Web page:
The offense begins when a guard passes the wing and cuts to the strong-side corner. Post players on the strong side block, the corner, and the extended wing on the strong side form a triangle.
The offense starts with a pass to the strong-side post guy in scoring position. This player should score.
Between these, the player may seek to score or pass to one of the perimeter players swapping from strong-side corner and wing, making a diving cut into the lane, or the opposite wing flashing to the top of the key, initiating the “pinch post.” The player has these possibilities.
In part, the triangle offense’s success may be attributed to its executioners. Even if you’re right, this offense sets up players well to make baskets.
This article will explain in detail basketball’s Triangle Offense.
What Is Triangle Offense In General?
The triangle offense is a continuity basketball approach that generates a beautiful offensive system by combining perfect spacing with a sequence of actions that is based on player decisions.
The triangle offense is also known as the “inverted triangle offense.” Players with a high basketball IQ and excellent at the basics of the game may make the most of its use.
The fact that there is an infinite number of alternative actions that may be taken out of a triangle offensive (far too numerous to describe in this tutorial) is one of the reasons why it is such a dangerous offense.
It is modifiable such that it may capitalize on the team’s capabilities and the strengths of the individual players on the squad.
In contrast, to set plays, in which the choices and actions are predetermined, the triangle offense depends on the players’ ability to read the defense and choose the best possible basketball play based on the many opportunities presented.
The triangle offense was successful for many of the best players who have ever taken the floor, including Michael Jordan, Scottie Pippen, Kobe Bryant, Shaquille O’Neal, and Pau Gasol, to mention just a few.
Triangle Offense Pros
- Positionless Offense
In the triangle offense, any of the five positions may be filled by any player at any time. Moving the center away from the low post position is possible, even though they typically spend most of their time playing there. Creating well-rounded players is of the utmost importance.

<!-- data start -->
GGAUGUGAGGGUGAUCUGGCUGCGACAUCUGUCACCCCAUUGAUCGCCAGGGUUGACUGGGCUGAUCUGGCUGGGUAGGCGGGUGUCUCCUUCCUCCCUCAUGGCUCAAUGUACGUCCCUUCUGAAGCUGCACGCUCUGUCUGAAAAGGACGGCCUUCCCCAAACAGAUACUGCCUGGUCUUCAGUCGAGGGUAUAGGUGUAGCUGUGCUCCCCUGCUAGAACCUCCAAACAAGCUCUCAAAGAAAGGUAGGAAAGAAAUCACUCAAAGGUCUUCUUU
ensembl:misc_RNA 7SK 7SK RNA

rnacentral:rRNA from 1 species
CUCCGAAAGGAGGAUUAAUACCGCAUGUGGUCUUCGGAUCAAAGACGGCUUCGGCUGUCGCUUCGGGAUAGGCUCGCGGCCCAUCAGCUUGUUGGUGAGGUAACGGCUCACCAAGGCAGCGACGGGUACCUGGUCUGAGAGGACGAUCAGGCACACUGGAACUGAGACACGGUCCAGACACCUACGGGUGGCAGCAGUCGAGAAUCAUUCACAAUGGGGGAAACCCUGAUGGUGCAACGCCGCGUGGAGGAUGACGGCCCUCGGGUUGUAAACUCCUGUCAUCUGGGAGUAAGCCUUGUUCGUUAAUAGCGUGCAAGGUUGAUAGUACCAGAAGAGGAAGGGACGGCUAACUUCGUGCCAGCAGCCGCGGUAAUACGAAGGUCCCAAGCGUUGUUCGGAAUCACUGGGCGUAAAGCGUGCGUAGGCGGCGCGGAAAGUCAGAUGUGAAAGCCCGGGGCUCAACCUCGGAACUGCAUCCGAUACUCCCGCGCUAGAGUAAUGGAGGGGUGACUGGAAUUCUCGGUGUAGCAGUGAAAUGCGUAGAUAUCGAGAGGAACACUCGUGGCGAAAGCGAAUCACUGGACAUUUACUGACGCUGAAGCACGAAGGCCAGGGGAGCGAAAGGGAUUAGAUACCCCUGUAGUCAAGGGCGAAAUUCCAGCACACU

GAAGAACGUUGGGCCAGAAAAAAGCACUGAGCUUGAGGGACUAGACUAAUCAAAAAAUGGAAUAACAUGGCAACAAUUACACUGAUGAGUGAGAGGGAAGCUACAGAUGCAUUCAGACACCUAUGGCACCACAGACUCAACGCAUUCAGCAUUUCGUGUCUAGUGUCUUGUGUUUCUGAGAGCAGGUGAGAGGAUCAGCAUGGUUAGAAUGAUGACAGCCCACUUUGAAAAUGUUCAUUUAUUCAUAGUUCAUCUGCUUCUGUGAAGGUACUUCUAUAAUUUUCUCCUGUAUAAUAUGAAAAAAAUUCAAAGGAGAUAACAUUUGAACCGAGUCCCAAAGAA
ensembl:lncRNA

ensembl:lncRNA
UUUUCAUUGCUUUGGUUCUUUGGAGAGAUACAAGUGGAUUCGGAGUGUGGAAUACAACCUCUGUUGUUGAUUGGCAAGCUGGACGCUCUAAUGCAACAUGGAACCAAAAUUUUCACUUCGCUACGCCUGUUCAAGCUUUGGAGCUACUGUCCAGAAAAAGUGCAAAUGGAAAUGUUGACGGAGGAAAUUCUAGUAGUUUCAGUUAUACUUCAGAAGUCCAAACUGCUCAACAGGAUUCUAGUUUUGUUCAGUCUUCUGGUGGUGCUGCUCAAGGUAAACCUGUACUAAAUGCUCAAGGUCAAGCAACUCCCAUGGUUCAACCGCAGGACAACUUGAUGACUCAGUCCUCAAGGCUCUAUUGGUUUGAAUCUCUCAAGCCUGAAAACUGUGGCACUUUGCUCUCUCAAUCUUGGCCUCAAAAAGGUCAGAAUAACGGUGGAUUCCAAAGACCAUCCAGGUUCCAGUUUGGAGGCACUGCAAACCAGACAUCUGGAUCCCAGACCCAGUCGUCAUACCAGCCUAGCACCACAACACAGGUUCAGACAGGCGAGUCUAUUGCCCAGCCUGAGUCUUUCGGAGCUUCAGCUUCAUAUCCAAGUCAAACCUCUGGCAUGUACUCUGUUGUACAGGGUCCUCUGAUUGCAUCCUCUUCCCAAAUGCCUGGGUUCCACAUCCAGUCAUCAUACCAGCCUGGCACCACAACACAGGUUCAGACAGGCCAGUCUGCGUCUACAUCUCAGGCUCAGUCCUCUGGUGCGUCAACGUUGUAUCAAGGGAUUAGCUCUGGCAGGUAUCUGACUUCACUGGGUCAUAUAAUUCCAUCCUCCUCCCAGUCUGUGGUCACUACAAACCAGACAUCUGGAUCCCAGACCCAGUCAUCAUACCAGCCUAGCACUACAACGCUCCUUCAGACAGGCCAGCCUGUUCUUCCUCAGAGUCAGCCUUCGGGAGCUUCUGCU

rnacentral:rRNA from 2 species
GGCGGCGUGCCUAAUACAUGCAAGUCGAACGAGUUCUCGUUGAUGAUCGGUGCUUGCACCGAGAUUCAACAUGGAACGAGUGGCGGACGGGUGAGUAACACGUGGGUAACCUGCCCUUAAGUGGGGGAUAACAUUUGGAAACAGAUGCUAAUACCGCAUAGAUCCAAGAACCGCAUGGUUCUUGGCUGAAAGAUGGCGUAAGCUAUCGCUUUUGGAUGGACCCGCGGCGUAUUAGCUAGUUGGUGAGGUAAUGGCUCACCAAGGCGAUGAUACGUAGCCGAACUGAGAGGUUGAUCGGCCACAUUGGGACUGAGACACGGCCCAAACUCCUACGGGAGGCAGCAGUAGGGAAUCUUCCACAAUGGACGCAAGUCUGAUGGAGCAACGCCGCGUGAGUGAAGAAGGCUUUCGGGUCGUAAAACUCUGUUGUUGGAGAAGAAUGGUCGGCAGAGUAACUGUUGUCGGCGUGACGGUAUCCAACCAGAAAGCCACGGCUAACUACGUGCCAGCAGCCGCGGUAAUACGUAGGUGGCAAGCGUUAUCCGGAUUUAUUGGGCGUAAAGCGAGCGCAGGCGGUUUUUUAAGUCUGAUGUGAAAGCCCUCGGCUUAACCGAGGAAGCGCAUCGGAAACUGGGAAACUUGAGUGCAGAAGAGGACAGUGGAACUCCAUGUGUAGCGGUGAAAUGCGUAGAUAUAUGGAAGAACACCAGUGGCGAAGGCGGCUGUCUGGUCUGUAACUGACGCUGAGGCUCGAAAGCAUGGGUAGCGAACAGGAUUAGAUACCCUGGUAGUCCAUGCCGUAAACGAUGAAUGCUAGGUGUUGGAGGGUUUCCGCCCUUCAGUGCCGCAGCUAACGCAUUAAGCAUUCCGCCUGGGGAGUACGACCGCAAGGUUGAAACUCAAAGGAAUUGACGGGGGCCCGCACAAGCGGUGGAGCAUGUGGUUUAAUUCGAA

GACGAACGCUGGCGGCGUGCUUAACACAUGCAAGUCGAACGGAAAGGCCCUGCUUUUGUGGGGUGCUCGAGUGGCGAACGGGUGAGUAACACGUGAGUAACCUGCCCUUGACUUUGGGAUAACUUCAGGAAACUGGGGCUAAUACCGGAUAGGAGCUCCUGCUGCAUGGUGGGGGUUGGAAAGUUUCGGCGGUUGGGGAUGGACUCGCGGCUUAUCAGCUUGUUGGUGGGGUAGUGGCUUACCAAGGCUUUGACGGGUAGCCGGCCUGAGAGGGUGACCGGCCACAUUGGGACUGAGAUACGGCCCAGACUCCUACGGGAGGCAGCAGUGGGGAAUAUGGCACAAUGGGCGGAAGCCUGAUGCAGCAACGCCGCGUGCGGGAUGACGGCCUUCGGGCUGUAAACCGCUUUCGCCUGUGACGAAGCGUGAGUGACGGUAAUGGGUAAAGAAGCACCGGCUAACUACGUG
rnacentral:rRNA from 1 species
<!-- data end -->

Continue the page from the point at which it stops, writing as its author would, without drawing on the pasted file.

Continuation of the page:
- Continuity Offense
The continuity offense consists of running the triangle offense continuously until a chance for open scoring presents itself. In contrast, set plays, which have a certain destination in mind for when they should end, require the offense to be free to improvise if they cannot obtain a decent shot.
- Increases Basketball Intelligence
Because players are needed to study the defense throughout the whole offensive possession and make judgments depending on the other players on the floor, this offense is excellent for increasing basketball intelligence to a greater degree.
- Involves All of the Participants
The triangle approach does not allow any player to control the basketball for the vast majority of the time that the ball is in play. It is required that the basketball be passed around, and all players must take part in the offense at all times, even if they do not have the basketball in their possession.
Triangle Offense Cons
- Requires High Basketball IQ Players –
This offense will help players improve their basketball IQ faster than others, but it requires a decent amount from the start. Players need a high basketball IQ from the start to succeed in this offense.
- Players Must Memorize the Offense
Younger teams shouldn’t utilize the Triangle since players must memorize it. Hence my suggestion. Moves must be memorized. On offense, every decision a player makes determines his next actions. All players must memorize things for the offense to be successful.
- Requires a High Level of Fundamentals